For a brief moment Tuesday night, stocks collapsed.
Each of the major U.S. stock indexes was down more than 1 percent for a short time around 9 p.m. EDT, and the VIX, which measures volatility, spiked as futures plunged.
JonesTrading's David Lutz reported that the "crush[ing]" of the S&P and NASDAQ were all traders could talk about Wednesday morning, and Business Insider's Sam Ro noted the severity of the move.
"S&P 500 futures contracts are tied to the S&P 500, and [sic] index of 500 companies," Ro wrote. "So a 1% move in a matter of seconds is a big deal."
Business Insider called the Tuesday night nosedive "scary," noting that there didn't seem to be one clear culprit — disappointing economic news or otherwise — to have sparked the plunge.
"I can't point my fingers to anything that would have triggered this," AMP Capital Investors' Nader Naeimi. "I guess that's how big corrections often start."
But it's important to remember that, despite the relatively smooth upward sailing of the past six years, volatility is a feature of the stock market.
"Stock prices will always be far more volatile than cash-equivalent holdings," investing guru Warren Buffett wrote in his February letter to Berkshire Hathaway shareholders. "Volatility is far from synonymous with risk."
The "Oracle of Omaha" continued:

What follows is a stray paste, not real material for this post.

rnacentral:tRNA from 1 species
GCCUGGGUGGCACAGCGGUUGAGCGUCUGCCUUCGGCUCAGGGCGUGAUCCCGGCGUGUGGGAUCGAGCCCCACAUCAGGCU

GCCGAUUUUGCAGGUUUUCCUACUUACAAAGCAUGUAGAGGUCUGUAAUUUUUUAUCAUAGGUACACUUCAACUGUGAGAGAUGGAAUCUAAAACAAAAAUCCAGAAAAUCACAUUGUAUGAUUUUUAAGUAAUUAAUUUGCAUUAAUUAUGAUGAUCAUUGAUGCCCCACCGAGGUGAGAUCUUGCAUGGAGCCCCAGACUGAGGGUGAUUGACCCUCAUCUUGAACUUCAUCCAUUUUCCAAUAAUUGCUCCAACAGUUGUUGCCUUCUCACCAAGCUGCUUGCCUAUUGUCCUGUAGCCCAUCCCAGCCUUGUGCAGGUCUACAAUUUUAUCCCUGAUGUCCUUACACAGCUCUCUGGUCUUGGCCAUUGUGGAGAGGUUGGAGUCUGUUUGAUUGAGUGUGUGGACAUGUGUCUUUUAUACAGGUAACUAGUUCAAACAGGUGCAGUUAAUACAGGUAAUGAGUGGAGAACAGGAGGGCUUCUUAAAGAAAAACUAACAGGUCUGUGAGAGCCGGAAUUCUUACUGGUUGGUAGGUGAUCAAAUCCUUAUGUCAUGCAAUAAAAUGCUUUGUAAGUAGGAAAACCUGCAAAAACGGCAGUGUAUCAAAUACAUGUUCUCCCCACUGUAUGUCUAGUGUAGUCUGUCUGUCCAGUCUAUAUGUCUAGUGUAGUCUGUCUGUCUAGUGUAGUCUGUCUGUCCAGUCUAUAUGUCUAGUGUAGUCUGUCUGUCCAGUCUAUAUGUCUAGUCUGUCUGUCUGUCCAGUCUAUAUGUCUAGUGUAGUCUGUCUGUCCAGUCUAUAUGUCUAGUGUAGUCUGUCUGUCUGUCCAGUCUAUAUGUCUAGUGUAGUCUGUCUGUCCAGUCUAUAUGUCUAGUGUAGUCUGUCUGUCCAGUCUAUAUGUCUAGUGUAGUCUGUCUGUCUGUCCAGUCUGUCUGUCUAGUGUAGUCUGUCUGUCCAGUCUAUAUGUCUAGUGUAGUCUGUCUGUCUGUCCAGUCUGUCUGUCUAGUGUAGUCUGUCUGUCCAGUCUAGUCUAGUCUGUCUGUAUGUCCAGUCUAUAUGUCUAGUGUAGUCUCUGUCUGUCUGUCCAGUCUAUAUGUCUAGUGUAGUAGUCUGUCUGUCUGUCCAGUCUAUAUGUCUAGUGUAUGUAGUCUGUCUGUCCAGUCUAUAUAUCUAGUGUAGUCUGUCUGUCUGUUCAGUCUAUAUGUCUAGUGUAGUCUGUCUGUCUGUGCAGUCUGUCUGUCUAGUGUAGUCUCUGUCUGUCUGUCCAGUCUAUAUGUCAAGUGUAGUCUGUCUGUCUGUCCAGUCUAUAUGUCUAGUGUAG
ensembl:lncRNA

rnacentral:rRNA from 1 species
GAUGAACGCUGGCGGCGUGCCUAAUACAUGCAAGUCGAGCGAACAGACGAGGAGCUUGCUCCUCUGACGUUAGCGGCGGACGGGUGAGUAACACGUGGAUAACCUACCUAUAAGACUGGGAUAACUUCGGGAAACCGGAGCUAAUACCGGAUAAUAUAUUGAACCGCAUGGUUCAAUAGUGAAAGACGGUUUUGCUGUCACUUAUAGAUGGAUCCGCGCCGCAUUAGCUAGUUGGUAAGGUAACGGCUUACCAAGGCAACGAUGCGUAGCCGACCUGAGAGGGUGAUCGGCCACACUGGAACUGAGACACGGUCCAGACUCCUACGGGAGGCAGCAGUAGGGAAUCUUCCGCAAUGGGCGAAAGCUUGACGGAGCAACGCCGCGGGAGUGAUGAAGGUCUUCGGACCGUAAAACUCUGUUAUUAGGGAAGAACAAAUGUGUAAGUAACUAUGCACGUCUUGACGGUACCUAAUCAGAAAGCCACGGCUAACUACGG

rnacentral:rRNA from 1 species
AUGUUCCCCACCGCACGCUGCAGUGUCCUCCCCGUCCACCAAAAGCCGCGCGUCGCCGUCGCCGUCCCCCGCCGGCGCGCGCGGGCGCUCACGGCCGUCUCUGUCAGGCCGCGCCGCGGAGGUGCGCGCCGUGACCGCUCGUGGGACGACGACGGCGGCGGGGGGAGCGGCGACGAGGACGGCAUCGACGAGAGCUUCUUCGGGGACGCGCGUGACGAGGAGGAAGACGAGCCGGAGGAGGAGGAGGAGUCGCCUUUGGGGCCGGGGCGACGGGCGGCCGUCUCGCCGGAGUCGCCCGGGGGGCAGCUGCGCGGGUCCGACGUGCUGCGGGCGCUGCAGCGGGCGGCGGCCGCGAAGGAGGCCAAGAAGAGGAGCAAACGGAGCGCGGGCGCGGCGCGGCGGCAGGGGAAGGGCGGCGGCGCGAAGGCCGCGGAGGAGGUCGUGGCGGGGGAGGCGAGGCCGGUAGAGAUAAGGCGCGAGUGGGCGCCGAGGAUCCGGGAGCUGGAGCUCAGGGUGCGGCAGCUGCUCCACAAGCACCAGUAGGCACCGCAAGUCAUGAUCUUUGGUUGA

If the investor, instead, fears price volatility, erroneously viewing it as a measure of risk, he may, ironically, end up doing some very risky things. Recall, if you will, the pundits who six years ago bemoaned falling stock prices and advised investing in “safe” Treasury bills or bank certificates of deposit. People who heeded this sermon are now earning a pittance on sums they had previously expected would finance a pleasant retirement. (The S&P 500 was then below 700; now it is about 2,100.) If not for their fear of meaningless price volatility, these investors could have assured themselves of a good income for life by simply buying a very low-cost index fund whose dividends would trend upward over the years and whose principal would grow as well (with many ups and downs, to be sure).
In January, UBS analyst Julian Emanuel noted that heightened volatility can indicate a coming crash.
"The manic market movement - sharp plunges and even sharper surges - is not unlike the movement seen prior to major market tops in 2007 and 2000," Emanuel wrote.
But volatility alone is no reason to abandon the stock market.
"Taken together, markets will probably see more peaks and valleys this year," wrote BlackRock's Russ Koesterich Tuesday evening, "but for investors with a long time horizon, remaining invested pays off."
In other words: Slow and steady wins the race.
Follow Zach Noble (@thezachnoble) on Twitter